Establishes the Florida Blockchain Task Force within the Florida Department of Financial Services that will develop a specified master plan specifying duties and procedures of the task force, etc. related to blockchain technology. According to CFO Jimmy Patronis, who championed the bill, blockchain technology increases the difficulty of amending transaction records and creates a “vital avenue of transparency for the state.”
HB 1393 – Modifies Areas Regulated by the Florida Department of Financial Services
Amends various licensing statutes administered by the Division of Agent and Agency services, including creating a temporary license for personal lines agents; gives DFS authority to help insurance consumers understand the mediation process; and helps to more easily return unclaimed property to Floridians. Also provides DFS the discretion to deny, suspend, revoke or refuse to continue an insurance agency license on the grounds that another jurisdiction has taken an adverse action against a professional license held by a majority owner, partner, manager, director, officer or other controlling person of the agency.
HB 7091 – Hurricane and Flood Loss Model Trade Secrets
Removes the scheduled repeal date of the public record and public meeting exemptions maintaining that the public record exemption for a trade secret used in designing and constructing a hurricane or flood loss model and provided by a private company to the Florida Commission on Hurricane Loss Projection Methodology, the Office of Insurance Regulation, or the consumer advocate; removes the public meeting exemption for any portion of a Florida Commission on Hurricane Loss Projection Methodology meeting or of a rate proceeding on an insurer’s rate filing at which such confidential and exempt trade secret is discussed; and removes the public record exemption for the recording of an exempt meeting.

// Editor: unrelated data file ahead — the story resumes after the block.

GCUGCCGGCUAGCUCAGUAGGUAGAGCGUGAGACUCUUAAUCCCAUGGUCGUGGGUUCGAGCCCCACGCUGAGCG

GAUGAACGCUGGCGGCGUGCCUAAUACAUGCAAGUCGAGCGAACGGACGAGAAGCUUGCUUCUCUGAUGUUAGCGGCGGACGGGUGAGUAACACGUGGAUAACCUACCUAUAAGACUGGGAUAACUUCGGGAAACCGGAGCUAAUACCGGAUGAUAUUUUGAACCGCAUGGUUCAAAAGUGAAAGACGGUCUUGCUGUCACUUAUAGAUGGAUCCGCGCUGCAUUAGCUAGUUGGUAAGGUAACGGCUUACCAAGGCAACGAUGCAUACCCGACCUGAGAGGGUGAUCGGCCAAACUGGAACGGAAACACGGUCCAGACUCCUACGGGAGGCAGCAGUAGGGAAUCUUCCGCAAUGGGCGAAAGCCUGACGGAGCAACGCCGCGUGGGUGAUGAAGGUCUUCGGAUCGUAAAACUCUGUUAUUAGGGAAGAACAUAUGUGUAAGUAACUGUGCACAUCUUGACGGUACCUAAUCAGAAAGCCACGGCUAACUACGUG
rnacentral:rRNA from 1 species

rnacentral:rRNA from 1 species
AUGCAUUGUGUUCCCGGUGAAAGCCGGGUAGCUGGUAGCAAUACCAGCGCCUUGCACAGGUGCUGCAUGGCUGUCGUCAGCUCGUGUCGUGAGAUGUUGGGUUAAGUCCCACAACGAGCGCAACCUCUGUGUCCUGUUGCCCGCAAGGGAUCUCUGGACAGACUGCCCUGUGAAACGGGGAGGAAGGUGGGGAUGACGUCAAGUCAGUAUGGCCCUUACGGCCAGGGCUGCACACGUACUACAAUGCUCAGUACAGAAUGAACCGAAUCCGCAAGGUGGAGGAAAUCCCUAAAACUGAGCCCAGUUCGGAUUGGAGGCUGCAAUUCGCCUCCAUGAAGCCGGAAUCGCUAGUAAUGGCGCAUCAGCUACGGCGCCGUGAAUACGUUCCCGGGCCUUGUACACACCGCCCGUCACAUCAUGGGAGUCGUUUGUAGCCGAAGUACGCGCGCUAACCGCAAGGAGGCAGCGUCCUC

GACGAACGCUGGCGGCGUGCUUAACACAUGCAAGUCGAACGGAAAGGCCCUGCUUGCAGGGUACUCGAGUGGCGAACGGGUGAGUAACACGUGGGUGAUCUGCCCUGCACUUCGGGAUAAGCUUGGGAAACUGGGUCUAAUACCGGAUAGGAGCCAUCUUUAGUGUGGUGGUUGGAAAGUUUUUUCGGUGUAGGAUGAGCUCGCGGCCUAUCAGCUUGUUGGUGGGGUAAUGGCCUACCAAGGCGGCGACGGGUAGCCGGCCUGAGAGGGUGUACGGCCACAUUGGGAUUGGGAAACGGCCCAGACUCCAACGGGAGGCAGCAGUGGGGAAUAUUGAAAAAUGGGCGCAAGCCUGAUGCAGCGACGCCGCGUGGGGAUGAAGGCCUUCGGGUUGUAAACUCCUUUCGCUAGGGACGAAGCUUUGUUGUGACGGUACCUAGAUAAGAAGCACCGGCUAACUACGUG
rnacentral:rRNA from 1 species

SB 426 – Firefighters Cancer Benefits
Makes firefighters who are diagnosed with certain cancers eligible to receive certain disability or death benefits. In lieu of pursuing workers’ compensation coverage, a firefighter is entitled to cancer treatment and a one-time cash payout of $25,000, upon the firefighter’s initial diagnosis of cancer.
HB 1253 – Prescription Drug Monitoring Program
Gives Florida Attorney General access to information in the state’s prescription drug database to track sales of opioids. The move will help the AG’s efforts to sue drug manufacturers and pharmacies for overselling pain pills. Patient information will be protected.
SB 983 – First Responder PTSD
Ratified DFS’ rules related to workers’ compensation wage replacement benefits that are now provided in specified circumstances for post-traumatic stress disorder (PTSD) suffered by a first responder, regardless of whether the individual’s PTSD is accompanied by a physical injury requiring medical treatment. Specifies the types of third-party injuries qualifying as grievous bodily harm of a nature that shocks the conscience for the purposes of allowing wage replacement benefits for first responder PTSD.
Our Florida Personal Injury Attorneys at Whittel & Melton help injury victims recover financial compensation after they have been involved in accidents. This monetary compensation is needed to cover expenses associated with medical care, lost wages and all other financial damages incurred.
Every state has specific laws, and the Sunshine State is no exception. Our Florida Injury Attorneys know every auto accident law, insurance laws, etc. and how they pertain to your case. We can also tell you the proper county and court to file your claim, what you are likely to be awarded and the odds of your case going to trial or settling out of court.
We will provide you with expert legal advice, explain your rights and represent you in court. There are many other things we do for clients, such as file motions, conduct depositions, analyze insurance policies, obtain and review medical records, conduct negotiations with the insurance company, create exhibits for trial, negotiate medical bills, and prepare any witnesses and the client for trial, just to name a few.